Although the issue of economic inequality has long been neglected by economists, it has become increasingly important in academic and public debate over the past decade, as evidenced by the success of books by Piketty (Capital in the Twenty-First Century and Capital and Ideology), Atkinson (Inequality. What can be done?) or Milanovic (Global Inequality: A New Approach for the Age of Globalization). In addition, international institutions long considered pro-liberal, such as the OECD and the IMF, are now openly calling on governments to take redistributive and tax justice measures to enable more inclusive and equitable growth.
The reason for this recent and growing interest of economists in the issue of inequality is mainly due to the progress made in measuring inequality, but also and above all to the increase in inequality since the 1980s-1990s, which has been more or less significant depending on the country, combined with a slowdown in growth, particularly in the advanced countries. And the current global crisis of COVID-19 is likely to accentuate this phenomenon, since it has plunged many economies into recession and exacerbated inequalities within nations. Hence the numerous calls for exceptional wealth taxation to finance measures to support the economy and the resulting increase in public debt. The first tax measures announced by the Biden administration (increase in the corporate tax, the top marginal income tax rate and the taxation of capital income) and its willingness to implement a minimum corporate tax rate are aimed at reducing inequality and restoring tax justice in the US.
But why have economists long neglected the issue of economic inequality? While not exhaustive, we can identify three main reasons or beliefs (myths?) shared by a large number of economists. Firstly, the belief in the inverted U-shaped Kuznets curve, which tells us that inequality tends to increase in the first phase of a nation’s development and then decreases, which is now clearly contradicted by the facts. Secondly, the belief in trickle-down economics, i.e. that the enrichment of the richest will ultimately benefit the poorest, which has never been empirically proven. Finally, the belief that there is necessarily a trade-off between efficiency and equity, with the priority of economists being to determine how to achieve the former, by maximising wealth creation.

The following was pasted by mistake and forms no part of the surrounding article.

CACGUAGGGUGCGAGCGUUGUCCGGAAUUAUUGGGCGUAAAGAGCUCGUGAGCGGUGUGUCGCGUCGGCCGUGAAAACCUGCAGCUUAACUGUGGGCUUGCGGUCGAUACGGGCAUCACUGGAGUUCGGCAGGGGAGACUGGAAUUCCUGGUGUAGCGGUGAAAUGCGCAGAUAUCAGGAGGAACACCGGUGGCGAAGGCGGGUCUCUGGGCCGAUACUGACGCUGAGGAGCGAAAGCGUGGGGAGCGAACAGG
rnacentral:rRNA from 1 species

The latter two beliefs have a long history, and it is tempting to trace them back to the man generally regarded as the founding father of economics, Adam Smith. Indeed, Smith would have focused on how to maximise social wealth, the growth of which would benefit everyone, especially the poorest. Smith would have emphasised the benefits of economic growth in reducing absolute poverty, without regard to inequality as such, and he would have argued against state redistribution.
In fact, Smith took the issue of economic inequalities, which were very important in his time, quite seriously. But it should be noted at the outset that Smith, like all classical economists, was interested in the functional distribution of income rather than the interpersonal distribution, i.e. essentially the differences in income between the three social classes of workers, landowners and capitalists. The most recent estimates show a Gini index for incomes in Britain in the second half of the 18th century of over 0.5 and rising (compared to around 0.35 today). Moreover, it is estimated that the gap between the average income of workers and aristocrats was about 1 to 33, and 1 to 11 on average with capitalists. That said, Smith seemed more interested in the causes of inequality than in its level as such and emphasised the harmful consequences that inequality can have on the morality and happiness of individuals and nations. He also and above all sought to determine what are just and unjust inequalities and to reconcile efficiency and equity, rather than to oppose them. And contrary to what one might suppose, he also argued in favour of a (slightly) progressive tax system, at a time and in a nascent discipline when this position was very rare. Thus, not only should Smith not be held responsible for the lack of interest economists have long shown in the issue of inequality, but he can still enlighten us on this issue today.